'Woodlouse' is the common name for creatures of the suborder Oniscidea. Oniscidea includes all of the isopods that have adapted to life on land. Most of us know them as small grey 'bugs' that live in rotting leaves and roll into a ball when you try to pick them up; these are woodlice of the genus Armadillidium, and are called by a variety of common names, such as pill bug, sowbug, roly poly, or simply woodlouse. While for the most part all woodlice look similar to the familiar pill bug, most cannot roll into a ball, and some have distinguishing features such as large splayed-out legs or interesting coloration (bright red or ghostly white). All woodlice, however, share a common core of features; many of the most obvious features, in fact, are shared not only by all woodlice, but also by all isopods. So let's start with some general information on isopods.
Isopods all have 14 legs, two sets of antenna, and a segmented exoskeleton. Behind the seven sets of legs there are a set of unassuming appendages that are used for locomotion in in the marine isopods, and for respiration in all isopods. Most isopods are quite small, but the aptly named giant isopod grows about as large as a horseshoe crab, looking like a giant trilobite, or for that matter, a giant woodlouse.
Woodlice are surprisingly like their marine cousins, having made only the minimal adjustments required for living on land. However, small as the changes may be, they are commonly underemphasized. For example, the common belief that woodlice have gills is incorrect; woodlice took the gill-like structures on their pleopods and added a set of rudimentary air sacs, resulting a structure known as a pseudotrachea. This structure works best when damp, so woodlice lurk in piles of rotting leaves and other protected lairs, preferring to come out only at night. But if need be, a woodlouse can leave these areas and travel through the world at large, including scorchingly dry environments.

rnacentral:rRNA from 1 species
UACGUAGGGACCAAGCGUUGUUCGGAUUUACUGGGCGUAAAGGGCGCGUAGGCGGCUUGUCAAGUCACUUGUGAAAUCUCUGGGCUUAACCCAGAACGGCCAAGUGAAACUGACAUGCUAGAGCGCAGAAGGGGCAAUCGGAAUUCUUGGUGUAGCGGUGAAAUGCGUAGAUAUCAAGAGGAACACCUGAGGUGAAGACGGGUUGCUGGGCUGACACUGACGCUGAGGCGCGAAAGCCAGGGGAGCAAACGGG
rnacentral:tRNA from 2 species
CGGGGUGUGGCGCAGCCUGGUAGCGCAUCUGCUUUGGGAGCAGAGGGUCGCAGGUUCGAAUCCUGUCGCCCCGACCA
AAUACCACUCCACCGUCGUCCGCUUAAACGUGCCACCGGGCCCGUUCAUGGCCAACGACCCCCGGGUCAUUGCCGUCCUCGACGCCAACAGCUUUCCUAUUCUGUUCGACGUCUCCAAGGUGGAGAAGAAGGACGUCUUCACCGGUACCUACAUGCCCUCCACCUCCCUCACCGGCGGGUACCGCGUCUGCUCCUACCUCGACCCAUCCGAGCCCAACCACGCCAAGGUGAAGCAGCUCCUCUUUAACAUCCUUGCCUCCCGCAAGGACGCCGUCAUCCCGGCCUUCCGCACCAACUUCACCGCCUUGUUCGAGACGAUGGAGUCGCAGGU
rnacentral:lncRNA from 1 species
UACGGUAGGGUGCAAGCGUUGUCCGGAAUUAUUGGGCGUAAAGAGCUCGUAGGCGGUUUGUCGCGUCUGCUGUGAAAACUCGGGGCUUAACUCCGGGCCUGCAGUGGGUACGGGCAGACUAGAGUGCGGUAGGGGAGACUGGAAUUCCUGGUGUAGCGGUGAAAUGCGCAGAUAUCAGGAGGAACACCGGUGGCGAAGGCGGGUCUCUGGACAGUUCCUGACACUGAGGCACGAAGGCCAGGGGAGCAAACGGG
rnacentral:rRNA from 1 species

Many species of marine isopods carry their young in fluid-filled brood sacs, from which the young do not emerge until they are nearly fully-formed miniature replicas of the adults (called manca). This is a very useful pre-adaptation to terrestrial life, and the woodlouse has continued this tradition of ovoviviparity. In woodlice the newly emerged young, although equipped with only six sets of legs rather than the full seven, are mobile enough to seek protection and dampness. If you ever get the chance to breed woodlice, watch for the sudden explosion of tiny little woodlicettes.
Speaking of breeding woodlice -- one of the adaptations that most animals make when moving onto land is to stop excreting the nitrogen waste resulting from protein metabolism as ammonia and dispose of it as urea or uric acid instead. This allows them to store the toxic ammonia within their bodies and conserve water. Woodlice went in a different direction. Woodlice dispose of ammonia by emitting it as gas, with the undeniable result that they stink.
Woodlice are almost always scavengers, eating rotting plant material or, in some cases, spoiled meat. This is largely because isopods need copper to build the hemocyanin in their blood (the equivalent to our hemoglobin), and the copper found in living plants is bound too tightly in stable organic compounds. Once the plants start to decompose the copper becomes more accessible, and the woodlice can digest it. If sufficient levels of rotting vegetable matter are not present, woodlice can also replenish their copper stores by eating their own feces. In order to avoid this eventuality, woodlice have evolved to store more copper in their bodies than can aquatic isopods (who generally absorb sufficient copper from the surrounding water).
There are between 4,000 and 5,000 known species of woodlice, so any description has to be general in nature. However, it is worth noting that there are species of woodlice that eat rotting meat, species that live in burrows in the hottest of deserts, species that live in a symbiotic relationship with ants (Platyarthrus hoffmannseggi, the Ant Woodlouse), and in hypersaline pools. Woodlice are the most populous and most widespread of terrestrial crustaceans.
When researching this writeup, I found many references to 'the common woodlouse'. As you might expect, the 'common' woodlouse is different depending on where you live. With approximately forty different families and thousands of species, the term 'common woodlouse' is essentially meaningless unless the writer specifies where exactly the woodlouse is common to. However, two of the most common woodlice are Oniscus asellus, the Shiny Woodlouse and Armadillidium vulgare, the Common Pillbug.
Recommended reading for practical woodlouse hunting.
While an truly unwieldy number of sources were used in composing this writeup, it would not be half as good as it is without the help of the book The Colonisation of Land: origins and adaptations of terrestrial animals By Colin Little.